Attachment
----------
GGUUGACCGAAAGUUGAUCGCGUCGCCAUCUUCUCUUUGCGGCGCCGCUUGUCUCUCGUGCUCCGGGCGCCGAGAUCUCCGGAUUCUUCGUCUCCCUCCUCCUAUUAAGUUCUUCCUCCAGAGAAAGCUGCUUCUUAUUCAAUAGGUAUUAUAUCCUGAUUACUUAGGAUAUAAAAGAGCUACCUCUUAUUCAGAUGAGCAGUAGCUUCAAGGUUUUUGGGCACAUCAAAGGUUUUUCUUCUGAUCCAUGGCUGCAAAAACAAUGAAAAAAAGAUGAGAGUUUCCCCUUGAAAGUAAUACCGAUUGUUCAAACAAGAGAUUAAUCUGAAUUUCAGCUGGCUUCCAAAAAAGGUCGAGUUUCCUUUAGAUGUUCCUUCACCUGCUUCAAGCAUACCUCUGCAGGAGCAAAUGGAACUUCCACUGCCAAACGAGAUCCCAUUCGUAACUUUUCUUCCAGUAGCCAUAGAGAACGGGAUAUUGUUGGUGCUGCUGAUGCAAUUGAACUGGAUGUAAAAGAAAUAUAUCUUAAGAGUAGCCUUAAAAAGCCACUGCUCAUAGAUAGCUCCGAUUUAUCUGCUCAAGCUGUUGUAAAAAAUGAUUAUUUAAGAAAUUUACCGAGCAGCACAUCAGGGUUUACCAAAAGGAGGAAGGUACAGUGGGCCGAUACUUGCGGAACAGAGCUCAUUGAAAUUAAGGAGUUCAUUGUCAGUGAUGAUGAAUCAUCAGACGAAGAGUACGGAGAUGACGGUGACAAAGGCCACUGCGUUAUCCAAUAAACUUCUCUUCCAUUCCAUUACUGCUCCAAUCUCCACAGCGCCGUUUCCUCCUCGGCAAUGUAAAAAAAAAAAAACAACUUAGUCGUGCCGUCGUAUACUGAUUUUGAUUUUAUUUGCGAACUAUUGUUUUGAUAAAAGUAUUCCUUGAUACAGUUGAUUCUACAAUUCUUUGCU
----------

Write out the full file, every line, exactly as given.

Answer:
GGUUGACCGAAAGUUGAUCGCGUCGCCAUCUUCUCUUUGCGGCGCCGCUUGUCUCUCGUGCUCCGGGCGCCGAGAUCUCCGGAUUCUUCGUCUCCCUCCUCCUAUUAAGUUCUUCCUCCAGAGAAAGCUGCUUCUUAUUCAAUAGGUAUUAUAUCCUGAUUACUUAGGAUAUAAAAGAGCUACCUCUUAUUCAGAUGAGCAGUAGCUUCAAGGUUUUUGGGCACAUCAAAGGUUUUUCUUCUGAUCCAUGGCUGCAAAAACAAUGAAAAAAAGAUGAGAGUUUCCCCUUGAAAGUAAUACCGAUUGUUCAAACAAGAGAUUAAUCUGAAUUUCAGCUGGCUUCCAAAAAAGGUCGAGUUUCCUUUAGAUGUUCCUUCACCUGCUUCAAGCAUACCUCUGCAGGAGCAAAUGGAACUUCCACUGCCAAACGAGAUCCCAUUCGUAACUUUUCUUCCAGUAGCCAUAGAGAACGGGAUAUUGUUGGUGCUGCUGAUGCAAUUGAACUGGAUGUAAAAGAAAUAUAUCUUAAGAGUAGCCUUAAAAAGCCACUGCUCAUAGAUAGCUCCGAUUUAUCUGCUCAAGCUGUUGUAAAAAAUGAUUAUUUAAGAAAUUUACCGAGCAGCACAUCAGGGUUUACCAAAAGGAGGAAGGUACAGUGGGCCGAUACUUGCGGAACAGAGCUCAUUGAAAUUAAGGAGUUCAUUGUCAGUGAUGAUGAAUCAUCAGACGAAGAGUACGGAGAUGACGGUGACAAAGGCCACUGCGUUAUCCAAUAAACUUCUCUUCCAUUCCAUUACUGCUCCAAUCUCCACAGCGCCGUUUCCUCCUCGGCAAUGUAAAAAAAAAAAAACAACUUAGUCGUGCCGUCGUAUACUGAUUUUGAUUUUAUUUGCGAACUAUUGUUUUGAUAAAAGUAUUCCUUGAUACAGUUGAUUCUACAAUUCUUUGCU